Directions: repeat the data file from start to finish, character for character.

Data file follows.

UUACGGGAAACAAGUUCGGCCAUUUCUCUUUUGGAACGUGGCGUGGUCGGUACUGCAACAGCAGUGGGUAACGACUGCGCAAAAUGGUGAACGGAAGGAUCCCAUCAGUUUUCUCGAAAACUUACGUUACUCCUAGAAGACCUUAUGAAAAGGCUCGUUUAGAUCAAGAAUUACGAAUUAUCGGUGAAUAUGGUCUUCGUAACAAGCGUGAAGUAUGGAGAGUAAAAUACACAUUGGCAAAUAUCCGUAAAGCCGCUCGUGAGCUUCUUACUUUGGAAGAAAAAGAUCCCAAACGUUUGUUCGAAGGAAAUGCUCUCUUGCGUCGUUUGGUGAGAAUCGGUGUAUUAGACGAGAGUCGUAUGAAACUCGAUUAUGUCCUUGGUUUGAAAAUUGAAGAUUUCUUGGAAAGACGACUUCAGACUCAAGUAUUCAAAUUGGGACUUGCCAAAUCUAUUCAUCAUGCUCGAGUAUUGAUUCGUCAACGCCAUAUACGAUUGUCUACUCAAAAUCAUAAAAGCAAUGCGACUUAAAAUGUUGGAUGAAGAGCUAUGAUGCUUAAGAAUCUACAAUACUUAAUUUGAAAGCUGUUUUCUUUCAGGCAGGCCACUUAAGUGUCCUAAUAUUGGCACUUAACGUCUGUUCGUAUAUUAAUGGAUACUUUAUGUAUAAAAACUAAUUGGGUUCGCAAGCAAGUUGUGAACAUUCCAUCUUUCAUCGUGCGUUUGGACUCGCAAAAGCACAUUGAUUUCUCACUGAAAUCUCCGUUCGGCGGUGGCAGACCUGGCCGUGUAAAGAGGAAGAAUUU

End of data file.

UUACGGGAAACAAGUUCGGCCAUUUCUCUUUUGGAACGUGGCGUGGUCGGUACUGCAACAGCAGUGGGUAACGACUGCGCAAAAUGGUGAACGGAAGGAUCCCAUCAGUUUUCUCGAAAACUUACGUUACUCCUAGAAGACCUUAUGAAAAGGCUCGUUUAGAUCAAGAAUUACGAAUUAUCGGUGAAUAUGGUCUUCGUAACAAGCGUGAAGUAUGGAGAGUAAAAUACACAUUGGCAAAUAUCCGUAAAGCCGCUCGUGAGCUUCUUACUUUGGAAGAAAAAGAUCCCAAACGUUUGUUCGAAGGAAAUGCUCUCUUGCGUCGUUUGGUGAGAAUCGGUGUAUUAGACGAGAGUCGUAUGAAACUCGAUUAUGUCCUUGGUUUGAAAAUUGAAGAUUUCUUGGAAAGACGACUUCAGACUCAAGUAUUCAAAUUGGGACUUGCCAAAUCUAUUCAUCAUGCUCGAGUAUUGAUUCGUCAACGCCAUAUACGAUUGUCUACUCAAAAUCAUAAAAGCAAUGCGACUUAAAAUGUUGGAUGAAGAGCUAUGAUGCUUAAGAAUCUACAAUACUUAAUUUGAAAGCUGUUUUCUUUCAGGCAGGCCACUUAAGUGUCCUAAUAUUGGCACUUAACGUCUGUUCGUAUAUUAAUGGAUACUUUAUGUAUAAAAACUAAUUGGGUUCGCAAGCAAGUUGUGAACAUUCCAUCUUUCAUCGUGCGUUUGGACUCGCAAAAGCACAUUGAUUUCUCACUGAAAUCUCCGUUCGGCGGUGGCAGACCUGGCCGUGUAAAGAGGAAGAAUUU